• What is severe asthma?

    On the left is a lung cast taken from a normal healthy lung whereas the one on the right is taken from a case of fatal asthma. The reduced branching in the cast of the fatal asthma victim is obvious and is caused by thick mucus plugs that prevent the casting material from reaching the distal portions of the lung. These plugs are major barriers that prevent medication from reaching deep into the lungs severely reducing its efficacy.

    Asthma is a chronic respiratory disease that is characterized by shortness of breath, tightness in the chest, cough and wheezing. These symptoms are due to narrowing of the airways as a result of muscle contraction and mucous plugs. An attack results in reduced airflow to and from the lungs. Severity of the disease and attacks range from mild to severe cases where emergency medical treatment may be required.

    Severe asthma is difficult to control, leading to an increased risk of frequent, severe attacks, or even death. Severe asthma includes three groups: untreated severe asthma, due to undiagnosed asthma or unavailability of therapy, difficult-to-treat severe asthma (due to adherence issues, inappropriate or incorrect use of medicines, environmental triggers or co-morbidity), and treatment-resistant severe asthma, including asthma for which control is not achieved despite the highest level of recommended treatment.

  • What causes asthma?

    Although the cause of asthma is unknown, it has been associated with several risk factors, including family history and exposure to environmental factors during pregnancy and the first few years of life. An asthma attack can be triggered by many factors including allergens, physical activity, cold, smoke and even certain medications such as non-steroid anti-inflammatories and beta-blockers.

  • Prevalence

    Asthma is extremely prevalent yet under-diagnosed and under-treated worldwide. The United States is home to over 25 million people diagnosed with the disease with Canada having similar per capita numbers. Asthma symptoms are reported in over 20% of North American children aged 13-14 with rates climbing around the 30% mark for children of the same age group in Australia, New Zealand and the UK. Approximately 180,000 people die of their disease globally. Those that die are often young and succumb before they access medical care. In untreated cases of severe asthma, death is rapid, with most deaths (80%) occurring within 1 hour of onset of symptoms. In these life-threatening situations, conventional asthma treatment with inhaled bronchodilators increasingly fails to relieve symptoms, as the medication is unable to penetrate the obstructed airways.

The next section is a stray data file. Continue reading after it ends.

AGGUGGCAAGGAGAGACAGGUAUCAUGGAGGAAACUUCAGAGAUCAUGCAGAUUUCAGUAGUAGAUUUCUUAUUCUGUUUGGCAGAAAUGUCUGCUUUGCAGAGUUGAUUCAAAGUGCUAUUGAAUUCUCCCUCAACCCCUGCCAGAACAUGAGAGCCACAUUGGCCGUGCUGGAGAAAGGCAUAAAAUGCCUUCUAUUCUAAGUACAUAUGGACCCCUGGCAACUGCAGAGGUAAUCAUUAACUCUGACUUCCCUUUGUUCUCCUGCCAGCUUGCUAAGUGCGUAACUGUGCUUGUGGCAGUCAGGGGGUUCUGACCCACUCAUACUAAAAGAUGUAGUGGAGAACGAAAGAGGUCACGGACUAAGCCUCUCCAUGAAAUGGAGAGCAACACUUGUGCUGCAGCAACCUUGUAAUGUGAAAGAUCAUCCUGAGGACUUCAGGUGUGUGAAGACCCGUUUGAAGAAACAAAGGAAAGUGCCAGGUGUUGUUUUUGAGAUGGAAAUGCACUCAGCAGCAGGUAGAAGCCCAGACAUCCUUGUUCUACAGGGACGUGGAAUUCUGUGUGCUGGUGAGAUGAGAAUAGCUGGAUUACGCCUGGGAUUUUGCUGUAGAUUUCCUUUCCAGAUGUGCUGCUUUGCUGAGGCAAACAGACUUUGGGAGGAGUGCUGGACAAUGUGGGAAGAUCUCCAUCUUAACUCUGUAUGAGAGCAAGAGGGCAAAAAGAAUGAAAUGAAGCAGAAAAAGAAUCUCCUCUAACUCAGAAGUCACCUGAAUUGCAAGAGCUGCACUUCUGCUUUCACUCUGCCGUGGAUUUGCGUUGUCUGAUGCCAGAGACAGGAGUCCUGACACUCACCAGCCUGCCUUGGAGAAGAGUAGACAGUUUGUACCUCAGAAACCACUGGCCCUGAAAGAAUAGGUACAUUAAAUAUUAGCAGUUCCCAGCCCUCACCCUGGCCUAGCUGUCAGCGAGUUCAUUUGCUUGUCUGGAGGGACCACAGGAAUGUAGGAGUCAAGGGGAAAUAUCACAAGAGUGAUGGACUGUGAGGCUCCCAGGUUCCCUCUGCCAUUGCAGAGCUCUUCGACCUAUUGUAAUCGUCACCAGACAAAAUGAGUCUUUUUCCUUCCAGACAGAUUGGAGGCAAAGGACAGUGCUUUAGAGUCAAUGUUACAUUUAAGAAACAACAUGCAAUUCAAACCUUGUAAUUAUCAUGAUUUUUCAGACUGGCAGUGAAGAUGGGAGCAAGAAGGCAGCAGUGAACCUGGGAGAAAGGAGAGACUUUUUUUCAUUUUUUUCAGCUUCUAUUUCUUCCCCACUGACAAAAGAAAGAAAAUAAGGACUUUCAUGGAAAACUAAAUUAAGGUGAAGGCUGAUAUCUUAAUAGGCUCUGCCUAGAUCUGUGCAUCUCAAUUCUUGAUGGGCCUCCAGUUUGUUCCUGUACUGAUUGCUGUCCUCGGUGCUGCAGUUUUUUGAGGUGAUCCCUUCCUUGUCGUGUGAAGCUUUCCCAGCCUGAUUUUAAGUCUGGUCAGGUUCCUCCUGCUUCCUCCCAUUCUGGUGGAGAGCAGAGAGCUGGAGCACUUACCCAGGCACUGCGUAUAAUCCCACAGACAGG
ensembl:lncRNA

• Treatment Gap

    Issues with Current Rescue Treatment

    Although there are many different treatments available the current treatments do not effectively satisfy the medical need. This is especially true in cases of severe acute asthma where the majority of fatalities occur rapidly (under an hour) in young individuals who die prior to receiving any medical attention.

    Salbutamol/albuterol, the current gold standard for bronchodilators in asthma therapy is not always an effective rescue treatment as it only achieves its maximum dilatory effect after several minutes and it has no indications of mucus plug removal or penetration. The inability to penetrate obstructed airways severely limits the effectiveness of any conventional medication as only a small portion of the lung ever receives the intended treatment. The major challenge for treating asthma and preventing death is to open obstructed airways rapidly, allowing the delivery of oxygen and conventional medication into the lungs.

    Casts of lungs prepared in the laboratories of Dr Francis Green illustrate differences between normal healthy airways and diseased abnormal airways.

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